<![CDATA[Earlier in my career I worked in an organization for a senior leader who was a white male. The CFO of the organization, also a white male, reported to my boss, and the second-in-command to the CFO was an African American woman named Allison. My peers and I could see that the CFO was a slacker. He never got back to people or produced the deliverables he promised, and he was rarely in the office. Allison did his work and her own, and everyone knew to go to Allison if they wanted results. And her work was impeccable. I was relieved when, after about five years, the CFO resigned. I was shocked, though, to discover that my boss was not even considering Allison as the CFO’s replacement. When I asked why not, he explained that he did not feel Allison had enough experience to handle the CFO role. He could not see that Allison had been operating as the de facto CFO for years. This story is an example of the impact that bias can have. A recent article by Heidi Grant Halvorson and David Rock defines biases, which we all have, as nonconscious drivers that influence how people see the world. The authors explain that biases “exert their influence outside of conscious awareness.” My boss could not see Allison’s talents and contributions, even though they were as plain as day to my peers and me. Let’s take a look at what types of biases may have been operating to make it difficult for the boss to really see Allison and what neuroscience can tell us about how to overcome biases in organizations. Scientists have identified five common biases:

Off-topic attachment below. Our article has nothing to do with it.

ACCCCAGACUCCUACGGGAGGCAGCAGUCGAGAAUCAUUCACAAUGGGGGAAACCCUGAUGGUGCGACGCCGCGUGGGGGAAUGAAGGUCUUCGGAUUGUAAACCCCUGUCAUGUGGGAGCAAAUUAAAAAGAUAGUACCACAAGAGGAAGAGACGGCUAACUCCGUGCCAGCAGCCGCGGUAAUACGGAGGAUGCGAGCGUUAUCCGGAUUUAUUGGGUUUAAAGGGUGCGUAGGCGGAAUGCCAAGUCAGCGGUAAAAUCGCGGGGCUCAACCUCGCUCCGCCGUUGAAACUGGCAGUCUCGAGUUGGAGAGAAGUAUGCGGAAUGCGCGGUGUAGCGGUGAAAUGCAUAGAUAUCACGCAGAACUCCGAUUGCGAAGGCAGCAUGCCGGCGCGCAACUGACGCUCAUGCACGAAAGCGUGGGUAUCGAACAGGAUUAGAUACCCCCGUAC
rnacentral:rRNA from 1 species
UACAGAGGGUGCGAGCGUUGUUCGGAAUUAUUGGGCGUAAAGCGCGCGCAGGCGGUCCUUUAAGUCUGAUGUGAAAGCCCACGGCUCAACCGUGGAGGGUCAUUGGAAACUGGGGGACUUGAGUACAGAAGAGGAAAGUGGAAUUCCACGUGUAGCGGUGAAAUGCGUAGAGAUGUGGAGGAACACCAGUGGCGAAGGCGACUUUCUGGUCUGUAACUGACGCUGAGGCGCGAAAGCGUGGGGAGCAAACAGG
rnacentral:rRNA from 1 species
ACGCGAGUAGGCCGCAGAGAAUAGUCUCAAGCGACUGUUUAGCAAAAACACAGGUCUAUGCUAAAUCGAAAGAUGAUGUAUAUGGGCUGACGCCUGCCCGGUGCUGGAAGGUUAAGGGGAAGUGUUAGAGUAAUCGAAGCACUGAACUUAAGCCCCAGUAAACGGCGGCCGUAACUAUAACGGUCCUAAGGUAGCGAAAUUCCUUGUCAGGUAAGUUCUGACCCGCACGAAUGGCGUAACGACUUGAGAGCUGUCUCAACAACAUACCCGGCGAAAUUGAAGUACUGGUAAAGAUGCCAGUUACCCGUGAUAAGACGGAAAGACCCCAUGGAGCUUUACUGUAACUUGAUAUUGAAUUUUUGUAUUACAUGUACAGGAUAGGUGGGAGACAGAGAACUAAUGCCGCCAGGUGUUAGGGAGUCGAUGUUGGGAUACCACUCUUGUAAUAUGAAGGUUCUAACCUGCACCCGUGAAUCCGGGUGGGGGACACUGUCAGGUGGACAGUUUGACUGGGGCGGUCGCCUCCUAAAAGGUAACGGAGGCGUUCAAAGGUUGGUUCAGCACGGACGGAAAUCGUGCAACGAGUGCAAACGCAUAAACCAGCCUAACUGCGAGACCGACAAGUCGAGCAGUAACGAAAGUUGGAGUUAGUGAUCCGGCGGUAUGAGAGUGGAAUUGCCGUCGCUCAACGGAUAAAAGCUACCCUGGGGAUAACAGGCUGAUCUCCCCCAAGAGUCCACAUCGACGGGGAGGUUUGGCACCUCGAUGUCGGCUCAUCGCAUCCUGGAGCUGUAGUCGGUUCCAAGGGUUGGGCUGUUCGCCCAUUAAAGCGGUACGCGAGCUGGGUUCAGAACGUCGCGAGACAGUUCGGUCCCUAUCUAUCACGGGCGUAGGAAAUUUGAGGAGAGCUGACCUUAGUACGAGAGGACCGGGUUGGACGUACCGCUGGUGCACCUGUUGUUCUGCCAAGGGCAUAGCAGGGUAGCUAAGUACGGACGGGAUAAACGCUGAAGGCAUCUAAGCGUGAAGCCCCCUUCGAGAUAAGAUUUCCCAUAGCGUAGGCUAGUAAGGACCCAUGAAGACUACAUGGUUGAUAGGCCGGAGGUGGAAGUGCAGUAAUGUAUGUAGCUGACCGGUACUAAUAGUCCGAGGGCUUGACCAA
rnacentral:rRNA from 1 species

- Similarity Biases—The two most prevalent forms of similarity bias are ingroup and outgroup preferences. In other words, “people like me are better than others.” This bias results in being more likely to hire and promote people we perceive as similar. Allison’s boss may not have been able to “see her” because she was different from him in at least two visible ways—race and gender—making it doubly hard for her to be visible to him.
- Expedience Biases—This form of bias results in making decisions based on what information is immediately available in the brain and what “feels right,” rather than taking the time to research or check out other perceptions.
- Experience Biases—People with this form of bias tend to assume that what they see is all there is to see. It is possible that Allison’s boss had never known or seen a CFO who was an African American woman and couldn’t imagine that this was a possibility.
- Distance Biases—This form of bias often manifests as a tendency toward short-term thinking.
- Safety Biases—Our brains have learned to avoid loss. Consequently, we reflexively choose what feels safe. She probably did not feel like a safe choice to him.